The USEPA’s GHG Reporting Rule in 40 CFR 98 Subpart HH requires MSWLs that received waste on or after January 1, 1980, and emit 25,000 metric tons of GHGs to annually report GHG emissions. The primary GHG for MSWLs is methane. Emissions from the combustion of fuels (e.g., landfill gas, natural gas, diesel) by engines would report under 40 CFR 98 Subpart C. Subpart HH reporting requires calculations based on modeled methane generation using measured and estimated historic annual waste disposal quantities, soil oxidation and quantity of methane recovered and destroyed.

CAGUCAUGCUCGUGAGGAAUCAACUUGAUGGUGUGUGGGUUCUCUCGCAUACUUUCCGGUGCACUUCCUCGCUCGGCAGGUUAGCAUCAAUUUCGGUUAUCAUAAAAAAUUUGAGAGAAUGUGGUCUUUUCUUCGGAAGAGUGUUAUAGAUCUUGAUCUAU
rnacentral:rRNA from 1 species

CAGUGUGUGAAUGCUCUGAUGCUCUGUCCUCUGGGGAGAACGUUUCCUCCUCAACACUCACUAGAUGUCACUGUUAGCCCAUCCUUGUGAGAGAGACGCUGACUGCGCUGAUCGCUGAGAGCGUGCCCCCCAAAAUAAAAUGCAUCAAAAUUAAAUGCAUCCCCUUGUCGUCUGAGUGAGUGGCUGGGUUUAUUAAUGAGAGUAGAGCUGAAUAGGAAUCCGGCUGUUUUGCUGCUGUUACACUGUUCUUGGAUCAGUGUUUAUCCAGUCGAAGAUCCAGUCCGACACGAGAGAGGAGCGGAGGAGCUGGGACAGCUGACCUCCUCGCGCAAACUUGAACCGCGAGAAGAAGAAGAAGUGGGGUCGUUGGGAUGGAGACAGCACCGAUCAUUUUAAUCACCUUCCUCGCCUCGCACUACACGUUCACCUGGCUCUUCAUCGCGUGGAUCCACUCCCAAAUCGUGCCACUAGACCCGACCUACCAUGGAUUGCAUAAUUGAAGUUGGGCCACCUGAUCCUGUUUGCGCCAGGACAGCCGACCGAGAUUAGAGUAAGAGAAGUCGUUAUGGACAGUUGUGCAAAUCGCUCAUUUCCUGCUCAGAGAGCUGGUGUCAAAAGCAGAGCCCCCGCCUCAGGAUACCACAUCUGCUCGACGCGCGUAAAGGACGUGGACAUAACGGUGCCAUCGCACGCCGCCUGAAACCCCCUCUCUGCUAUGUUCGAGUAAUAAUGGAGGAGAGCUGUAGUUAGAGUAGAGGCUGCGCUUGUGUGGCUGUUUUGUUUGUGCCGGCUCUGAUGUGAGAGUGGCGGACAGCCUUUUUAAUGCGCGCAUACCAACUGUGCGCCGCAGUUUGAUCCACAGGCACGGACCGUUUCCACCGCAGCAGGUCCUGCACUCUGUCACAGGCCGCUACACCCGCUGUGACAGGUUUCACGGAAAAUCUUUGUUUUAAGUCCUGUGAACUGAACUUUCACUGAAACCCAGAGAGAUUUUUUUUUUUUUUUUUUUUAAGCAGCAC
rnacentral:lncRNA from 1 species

In 2020, there were 1,123 MSWLs reporting GHG emissions for a total of 85 million metric tons CO2e. Data on MWLF facilities reporting GHG emissions can be found using the Facility Level Information on Greenhouse Gases (FLIGHT) tool.
Reports are submitted using USEPA’s electronic Greenhouse Gas Reporting Tool (e-GGRT).
EPA Solid Waste Regulations – Methane
Federal rules in 40 CFR 258 – Criteria for Municipal Solid Waste Landfills require gas monitoring to ensure the concentration of methane does not exceed 25% of lower explosion limit (LEL) of methane in facility structures and at the facility’s property boundary. Facilities must take corrective action if methane gas levels exceed the LEL limits.